There are countless neglected housing territories across Europe, in which social spaces are deemed to be negated by digital networks and other realms of interaction. Innovative forms of living are reserved for new housing projects, while existing neighbourhoods are overlooked until the point at which they require significant renovation, or else demolition. This approach forgets the transformative potential of creating social space with Common Forms.
This project establishes an alternative strategy for the architectural amelioration of neglected housing districts. 
Common Forms occupy the threshold between public and private - their function ambiguous and ownership undefined. Common Forms invite multiple interpretations and uses, encouraging commonality and dialogue in the process. Common Forms are attuned to their specific spatial and socioeconomic contexts, but all share an ambition - to delineate and enable collectivity wherever its potential might have been forgotten. 

This line of enquiry is currently investigating Denmark’s controversial ghetto laws, and the ‘One Denmark without parallel societies’ policy that was launched in March this year to address the so-called “black holes on the map of Denmark”. 
Danish ghettos are defined as housing areas with at least 1,000 residents that have two or more of the following elements: unemployment above 40%, high crime rates, a lack of further education, low incomes and a majority of non-western immigrants.
These criteria define and delineate 29 ghettos across Denmark, with seven in Copenhagen. These neighbourhoods tend to be on the peripheries of the city, and somewhat ironically they are often associated with architectures designed in the 1970s amid the golden age of the Danish welfare system to provide affordable and equitable housing for the masses.
But by applying a specific GPS coordinate to a complex layering of social problems, these laws conflate issues of race, wealth, unemployment, criminality and education with built form, and in doing so they designate urban areas and their architecture as central to the problem. Places are conflated with people. The political response to social issues of criminality, unemployment or a lack of diversity therefore often becomes an urban one - demolish the ghetto (or perhaps redevelop and sell, if deemed ‘economically viable’).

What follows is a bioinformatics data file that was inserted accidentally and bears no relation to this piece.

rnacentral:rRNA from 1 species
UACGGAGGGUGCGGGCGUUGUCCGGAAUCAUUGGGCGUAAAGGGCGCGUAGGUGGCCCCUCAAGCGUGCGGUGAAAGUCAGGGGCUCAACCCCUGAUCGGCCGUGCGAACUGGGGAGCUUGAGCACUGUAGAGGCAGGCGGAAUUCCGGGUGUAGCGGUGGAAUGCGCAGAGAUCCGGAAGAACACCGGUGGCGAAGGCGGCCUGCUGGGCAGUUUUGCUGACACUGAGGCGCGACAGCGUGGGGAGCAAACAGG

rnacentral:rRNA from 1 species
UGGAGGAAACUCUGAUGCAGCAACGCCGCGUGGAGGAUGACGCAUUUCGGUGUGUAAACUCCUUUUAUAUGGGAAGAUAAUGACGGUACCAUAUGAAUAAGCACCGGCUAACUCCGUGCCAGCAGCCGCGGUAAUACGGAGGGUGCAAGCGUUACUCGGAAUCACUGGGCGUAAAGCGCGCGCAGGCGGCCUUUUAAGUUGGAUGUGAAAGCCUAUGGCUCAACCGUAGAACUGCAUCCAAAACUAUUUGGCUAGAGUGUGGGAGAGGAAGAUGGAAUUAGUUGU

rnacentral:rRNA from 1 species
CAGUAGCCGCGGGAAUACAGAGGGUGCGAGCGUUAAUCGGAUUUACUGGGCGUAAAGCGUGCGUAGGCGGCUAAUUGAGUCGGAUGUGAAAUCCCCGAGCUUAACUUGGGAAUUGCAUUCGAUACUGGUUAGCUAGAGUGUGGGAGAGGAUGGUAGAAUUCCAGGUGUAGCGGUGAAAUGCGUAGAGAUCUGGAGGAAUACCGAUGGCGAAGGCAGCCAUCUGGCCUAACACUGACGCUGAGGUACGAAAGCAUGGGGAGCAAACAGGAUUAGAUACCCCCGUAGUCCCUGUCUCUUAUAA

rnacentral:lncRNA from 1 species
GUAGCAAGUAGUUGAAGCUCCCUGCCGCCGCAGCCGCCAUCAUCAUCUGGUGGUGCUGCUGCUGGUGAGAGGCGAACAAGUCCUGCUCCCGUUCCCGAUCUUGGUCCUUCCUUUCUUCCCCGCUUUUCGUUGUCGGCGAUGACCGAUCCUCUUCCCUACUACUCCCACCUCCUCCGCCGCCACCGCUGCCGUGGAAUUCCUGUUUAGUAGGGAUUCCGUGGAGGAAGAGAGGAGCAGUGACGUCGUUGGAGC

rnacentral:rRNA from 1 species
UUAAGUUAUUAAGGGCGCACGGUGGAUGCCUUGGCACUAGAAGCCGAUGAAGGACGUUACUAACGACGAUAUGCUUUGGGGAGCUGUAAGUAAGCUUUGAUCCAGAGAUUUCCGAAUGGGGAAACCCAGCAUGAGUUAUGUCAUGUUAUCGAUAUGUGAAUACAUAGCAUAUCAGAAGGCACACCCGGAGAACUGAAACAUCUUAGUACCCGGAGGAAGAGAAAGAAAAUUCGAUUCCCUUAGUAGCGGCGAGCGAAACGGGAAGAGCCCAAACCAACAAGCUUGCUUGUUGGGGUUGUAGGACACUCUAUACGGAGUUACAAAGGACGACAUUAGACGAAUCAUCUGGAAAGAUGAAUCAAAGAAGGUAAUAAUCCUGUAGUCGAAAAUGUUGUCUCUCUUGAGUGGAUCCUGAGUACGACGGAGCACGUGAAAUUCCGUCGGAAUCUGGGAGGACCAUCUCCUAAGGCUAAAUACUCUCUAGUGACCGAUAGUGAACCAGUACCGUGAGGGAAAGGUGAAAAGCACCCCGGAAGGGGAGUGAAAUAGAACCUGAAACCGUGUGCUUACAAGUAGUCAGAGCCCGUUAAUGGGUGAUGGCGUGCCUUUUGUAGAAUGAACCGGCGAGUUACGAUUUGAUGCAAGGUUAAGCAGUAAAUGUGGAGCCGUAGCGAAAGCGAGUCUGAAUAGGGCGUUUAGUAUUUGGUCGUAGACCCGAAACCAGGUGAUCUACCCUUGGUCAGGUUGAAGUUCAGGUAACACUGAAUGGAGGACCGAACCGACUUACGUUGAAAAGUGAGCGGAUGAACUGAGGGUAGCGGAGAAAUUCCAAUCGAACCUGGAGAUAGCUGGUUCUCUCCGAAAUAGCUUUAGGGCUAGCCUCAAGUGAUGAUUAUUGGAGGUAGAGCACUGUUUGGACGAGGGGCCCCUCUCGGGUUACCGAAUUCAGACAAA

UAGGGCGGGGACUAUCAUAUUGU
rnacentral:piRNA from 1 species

This conflation creates a state of exception within the city, justifying punitive politics in which not all are equal before the law and delineating a parallel society through an urban limit. The temptation to demolish becomes ever stronger, in a retelling of that enduring myth that the destruction of an urban area equates to the elimination of its social problems. 
This temptation is embedded in the proposed ghetto policies, in their demand that no more than 60% of housing in these areas is public. In some cases this defines demolition as the only remaining option. The question of rehousing, or indeed of holistic measures that might alleviate the root of these problems, becomes an afterthought.
In a country famed for its considered and sustainable urban strategies, the desire to demolish is all the more striking. 
But if we accept that architecture and design has a role to play in defining these social problems, then perhaps it also holds the potential to alleviate them. The quantity and quality of common infrastructure is central to this, and holds untapped potential in transforming areas deemed to be problematic.
This may include grand interventions like COBE’s recent library and culture house in Tingbjerg, but also demands a forensic analysis of the everyday elements of shared urban environments that might hold potential for averting ghettoisation - lighting, circulation, connectivity, thresholds, common spaces, natural ecologies, technological networks and visual representations, along with an holistic awareness of their wider economic, social and political implications. 
Through doing so we might move beyond punitive politics and unjustified stigmatisation to find genuine spatial alternatives to demolition. This strategy may aid the political will to visually homogenise the city, but more fundamentally it holds potential in alleviating the social problems that defined the ghetto in the first place, while avoiding that temptation to demolish Denmark’s elusive black holes.
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